There was an interesting article in The New York Times that really caught my attention. Simply put, it states that business owners are holding back from hiring and canceling new investments as they begin to consider the possibility of the much-dreaded “fiscal cliff” that could be up ahead. According to The Times, a rising number of manufacturers are putting their businesses on hold for fear that paralysis in Washington will cause billions in tax increases and severe budget cuts to kick in come January.
If it were to happen, there’s no doubt the fiscal cliff would have a serious impact on the economy. The Congressional Budget Office has said the economy could shrink by 1.3% in the first half of 2013 as direct result.
At this point, I’m not that worried about the fiscal cliff. Yes, politics is messy, and a lot of uncertainty lies ahead with the elections coming up. But the stakes are so big that I believe the President and Congress — probably after the election — will find a way to work together to come up with a less draconian plan that fosters growth and reduces the debt.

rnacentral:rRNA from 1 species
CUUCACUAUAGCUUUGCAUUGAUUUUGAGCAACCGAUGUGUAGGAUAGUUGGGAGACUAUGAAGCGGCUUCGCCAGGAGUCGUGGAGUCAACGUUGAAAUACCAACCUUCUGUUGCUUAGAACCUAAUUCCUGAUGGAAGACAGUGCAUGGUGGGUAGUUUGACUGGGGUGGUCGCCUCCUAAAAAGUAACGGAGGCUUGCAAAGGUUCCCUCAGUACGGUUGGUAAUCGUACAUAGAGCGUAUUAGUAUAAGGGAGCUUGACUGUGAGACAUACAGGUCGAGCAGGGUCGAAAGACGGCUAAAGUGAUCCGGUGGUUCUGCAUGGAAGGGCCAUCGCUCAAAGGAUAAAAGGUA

But the sooner they do that the better, precisely because of what this article said. Just the threat of a fiscal cliff could hurt the economy because of the domino effect of companies sitting on their hands — putting off hiring, laying off their workforces, delaying projects and refraining from mergers and acquisitions — all due to fears of budget cuts and tax increases come January 1.
Better in the Short Term
It’s all part of an interesting environment right now. If the economic data continues to worsen and political posturing persists, then we may see the Fed take action to inject stimulus through a third round of quantitative easing, which is pretty much always good for stocks. But, if the data improves, M&A activity picks up, and lawmakers do reach a budget agreement, then we could still solid improvement in stocks, the economy, and everything in between.
I would characterize it as a stock picker’s market, which I like because there is still money to be made in solid investments. As we head into the final third of the year, I’m eyeing stocks with potential for solid earnings growth that should continue to outperform in the current market conditions.
As I’ve discussed with you, I see some great opportunities small-cap stocks, and I’m looking for M&A activity to accelerate in the final quarter of the year. I’ll also be keeping a close eye on the Fed’s Jackson Hole Symposium in September, where we may hear more about economic stimulus measures. Until then, however, I do expect a rather quiet market in August as investors watch and wait for developments both here and abroad.
I’ll be on top of these developments when they happen and the investment opportunities that they present. In the meantime, you can read this New York Times article here.